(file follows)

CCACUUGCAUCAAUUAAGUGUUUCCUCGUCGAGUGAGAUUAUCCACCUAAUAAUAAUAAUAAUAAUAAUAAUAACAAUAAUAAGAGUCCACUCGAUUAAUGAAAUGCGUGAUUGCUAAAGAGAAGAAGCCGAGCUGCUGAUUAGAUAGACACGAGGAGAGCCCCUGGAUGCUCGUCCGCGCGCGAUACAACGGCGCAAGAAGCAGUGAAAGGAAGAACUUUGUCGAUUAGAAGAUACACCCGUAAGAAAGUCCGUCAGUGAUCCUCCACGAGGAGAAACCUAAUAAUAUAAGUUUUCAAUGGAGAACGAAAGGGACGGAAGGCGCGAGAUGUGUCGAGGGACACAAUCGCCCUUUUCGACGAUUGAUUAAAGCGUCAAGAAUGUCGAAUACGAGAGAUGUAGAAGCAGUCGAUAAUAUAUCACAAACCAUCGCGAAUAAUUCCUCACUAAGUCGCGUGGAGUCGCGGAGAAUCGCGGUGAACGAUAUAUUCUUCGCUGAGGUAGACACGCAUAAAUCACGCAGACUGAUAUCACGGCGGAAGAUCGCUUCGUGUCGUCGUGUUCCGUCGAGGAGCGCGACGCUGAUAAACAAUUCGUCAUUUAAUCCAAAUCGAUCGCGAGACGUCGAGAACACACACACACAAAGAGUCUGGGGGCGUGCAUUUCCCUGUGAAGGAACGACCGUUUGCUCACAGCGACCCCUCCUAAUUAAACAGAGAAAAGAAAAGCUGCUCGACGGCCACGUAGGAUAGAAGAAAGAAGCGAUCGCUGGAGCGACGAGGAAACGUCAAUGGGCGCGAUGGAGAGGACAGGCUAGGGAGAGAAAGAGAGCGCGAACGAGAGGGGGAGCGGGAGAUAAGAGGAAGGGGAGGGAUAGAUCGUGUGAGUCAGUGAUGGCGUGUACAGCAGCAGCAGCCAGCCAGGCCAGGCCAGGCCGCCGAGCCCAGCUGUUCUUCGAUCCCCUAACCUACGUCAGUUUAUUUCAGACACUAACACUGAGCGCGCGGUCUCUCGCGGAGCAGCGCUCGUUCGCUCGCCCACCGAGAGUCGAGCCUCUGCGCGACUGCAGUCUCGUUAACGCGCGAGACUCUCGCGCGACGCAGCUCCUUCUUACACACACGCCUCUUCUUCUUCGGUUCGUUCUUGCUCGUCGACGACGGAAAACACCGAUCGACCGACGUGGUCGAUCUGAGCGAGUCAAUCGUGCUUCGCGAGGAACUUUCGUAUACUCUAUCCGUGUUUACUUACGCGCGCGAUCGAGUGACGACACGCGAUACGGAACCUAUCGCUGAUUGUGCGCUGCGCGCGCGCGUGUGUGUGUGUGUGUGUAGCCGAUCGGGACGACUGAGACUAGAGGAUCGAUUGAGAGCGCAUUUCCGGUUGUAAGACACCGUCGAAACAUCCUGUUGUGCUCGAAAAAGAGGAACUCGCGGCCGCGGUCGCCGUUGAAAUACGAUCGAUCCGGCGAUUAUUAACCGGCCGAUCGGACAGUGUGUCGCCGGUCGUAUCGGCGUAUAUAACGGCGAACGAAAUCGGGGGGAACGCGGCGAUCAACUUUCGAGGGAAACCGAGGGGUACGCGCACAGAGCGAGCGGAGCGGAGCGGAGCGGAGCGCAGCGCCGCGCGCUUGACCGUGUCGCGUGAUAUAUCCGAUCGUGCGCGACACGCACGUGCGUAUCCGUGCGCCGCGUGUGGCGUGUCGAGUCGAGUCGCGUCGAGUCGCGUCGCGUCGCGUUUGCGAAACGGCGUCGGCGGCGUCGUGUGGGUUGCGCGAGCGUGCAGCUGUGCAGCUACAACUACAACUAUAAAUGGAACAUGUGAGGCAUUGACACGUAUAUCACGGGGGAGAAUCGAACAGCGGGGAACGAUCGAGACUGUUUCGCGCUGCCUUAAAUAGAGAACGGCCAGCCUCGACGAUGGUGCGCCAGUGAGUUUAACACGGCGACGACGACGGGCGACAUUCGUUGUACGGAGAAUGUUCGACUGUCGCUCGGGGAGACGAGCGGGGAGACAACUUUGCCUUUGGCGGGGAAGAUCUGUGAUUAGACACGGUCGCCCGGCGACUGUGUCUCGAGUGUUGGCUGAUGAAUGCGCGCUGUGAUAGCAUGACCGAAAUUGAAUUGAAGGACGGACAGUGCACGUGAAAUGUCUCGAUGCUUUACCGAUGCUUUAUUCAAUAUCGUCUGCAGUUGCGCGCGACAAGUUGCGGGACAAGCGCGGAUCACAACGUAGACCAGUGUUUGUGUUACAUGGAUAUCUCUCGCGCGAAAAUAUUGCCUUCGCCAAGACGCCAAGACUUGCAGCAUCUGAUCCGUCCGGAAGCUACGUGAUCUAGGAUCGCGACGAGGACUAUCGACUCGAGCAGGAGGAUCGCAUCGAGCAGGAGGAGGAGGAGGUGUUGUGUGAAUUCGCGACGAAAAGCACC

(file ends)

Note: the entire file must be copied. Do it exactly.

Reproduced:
CCACUUGCAUCAAUUAAGUGUUUCCUCGUCGAGUGAGAUUAUCCACCUAAUAAUAAUAAUAAUAAUAAUAAUAACAAUAAUAAGAGUCCACUCGAUUAAUGAAAUGCGUGAUUGCUAAAGAGAAGAAGCCGAGCUGCUGAUUAGAUAGACACGAGGAGAGCCCCUGGAUGCUCGUCCGCGCGCGAUACAACGGCGCAAGAAGCAGUGAAAGGAAGAACUUUGUCGAUUAGAAGAUACACCCGUAAGAAAGUCCGUCAGUGAUCCUCCACGAGGAGAAACCUAAUAAUAUAAGUUUUCAAUGGAGAACGAAAGGGACGGAAGGCGCGAGAUGUGUCGAGGGACACAAUCGCCCUUUUCGACGAUUGAUUAAAGCGUCAAGAAUGUCGAAUACGAGAGAUGUAGAAGCAGUCGAUAAUAUAUCACAAACCAUCGCGAAUAAUUCCUCACUAAGUCGCGUGGAGUCGCGGAGAAUCGCGGUGAACGAUAUAUUCUUCGCUGAGGUAGACACGCAUAAAUCACGCAGACUGAUAUCACGGCGGAAGAUCGCUUCGUGUCGUCGUGUUCCGUCGAGGAGCGCGACGCUGAUAAACAAUUCGUCAUUUAAUCCAAAUCGAUCGCGAGACGUCGAGAACACACACACACAAAGAGUCUGGGGGCGUGCAUUUCCCUGUGAAGGAACGACCGUUUGCUCACAGCGACCCCUCCUAAUUAAACAGAGAAAAGAAAAGCUGCUCGACGGCCACGUAGGAUAGAAGAAAGAAGCGAUCGCUGGAGCGACGAGGAAACGUCAAUGGGCGCGAUGGAGAGGACAGGCUAGGGAGAGAAAGAGAGCGCGAACGAGAGGGGGAGCGGGAGAUAAGAGGAAGGGGAGGGAUAGAUCGUGUGAGUCAGUGAUGGCGUGUACAGCAGCAGCAGCCAGCCAGGCCAGGCCAGGCCGCCGAGCCCAGCUGUUCUUCGAUCCCCUAACCUACGUCAGUUUAUUUCAGACACUAACACUGAGCGCGCGGUCUCUCGCGGAGCAGCGCUCGUUCGCUCGCCCACCGAGAGUCGAGCCUCUGCGCGACUGCAGUCUCGUUAACGCGCGAGACUCUCGCGCGACGCAGCUCCUUCUUACACACACGCCUCUUCUUCUUCGGUUCGUUCUUGCUCGUCGACGACGGAAAACACCGAUCGACCGACGUGGUCGAUCUGAGCGAGUCAAUCGUGCUUCGCGAGGAACUUUCGUAUACUCUAUCCGUGUUUACUUACGCGCGCGAUCGAGUGACGACACGCGAUACGGAACCUAUCGCUGAUUGUGCGCUGCGCGCGCGCGUGUGUGUGUGUGUGUGUAGCCGAUCGGGACGACUGAGACUAGAGGAUCGAUUGAGAGCGCAUUUCCGGUUGUAAGACACCGUCGAAACAUCCUGUUGUGCUCGAAAAAGAGGAACUCGCGGCCGCGGUCGCCGUUGAAAUACGAUCGAUCCGGCGAUUAUUAACCGGCCGAUCGGACAGUGUGUCGCCGGUCGUAUCGGCGUAUAUAACGGCGAACGAAAUCGGGGGGAACGCGGCGAUCAACUUUCGAGGGAAACCGAGGGGUACGCGCACAGAGCGAGCGGAGCGGAGCGGAGCGGAGCGCAGCGCCGCGCGCUUGACCGUGUCGCGUGAUAUAUCCGAUCGUGCGCGACACGCACGUGCGUAUCCGUGCGCCGCGUGUGGCGUGUCGAGUCGAGUCGCGUCGAGUCGCGUCGCGUCGCGUUUGCGAAACGGCGUCGGCGGCGUCGUGUGGGUUGCGCGAGCGUGCAGCUGUGCAGCUACAACUACAACUAUAAAUGGAACAUGUGAGGCAUUGACACGUAUAUCACGGGGGAGAAUCGAACAGCGGGGAACGAUCGAGACUGUUUCGCGCUGCCUUAAAUAGAGAACGGCCAGCCUCGACGAUGGUGCGCCAGUGAGUUUAACACGGCGACGACGACGGGCGACAUUCGUUGUACGGAGAAUGUUCGACUGUCGCUCGGGGAGACGAGCGGGGAGACAACUUUGCCUUUGGCGGGGAAGAUCUGUGAUUAGACACGGUCGCCCGGCGACUGUGUCUCGAGUGUUGGCUGAUGAAUGCGCGCUGUGAUAGCAUGACCGAAAUUGAAUUGAAGGACGGACAGUGCACGUGAAAUGUCUCGAUGCUUUACCGAUGCUUUAUUCAAUAUCGUCUGCAGUUGCGCGCGACAAGUUGCGGGACAAGCGCGGAUCACAACGUAGACCAGUGUUUGUGUUACAUGGAUAUCUCUCGCGCGAAAAUAUUGCCUUCGCCAAGACGCCAAGACUUGCAGCAUCUGAUCCGUCCGGAAGCUACGUGAUCUAGGAUCGCGACGAGGACUAUCGACUCGAGCAGGAGGAUCGCAUCGAGCAGGAGGAGGAGGAGGUGUUGUGUGAAUUCGCGACGAAAAGCACC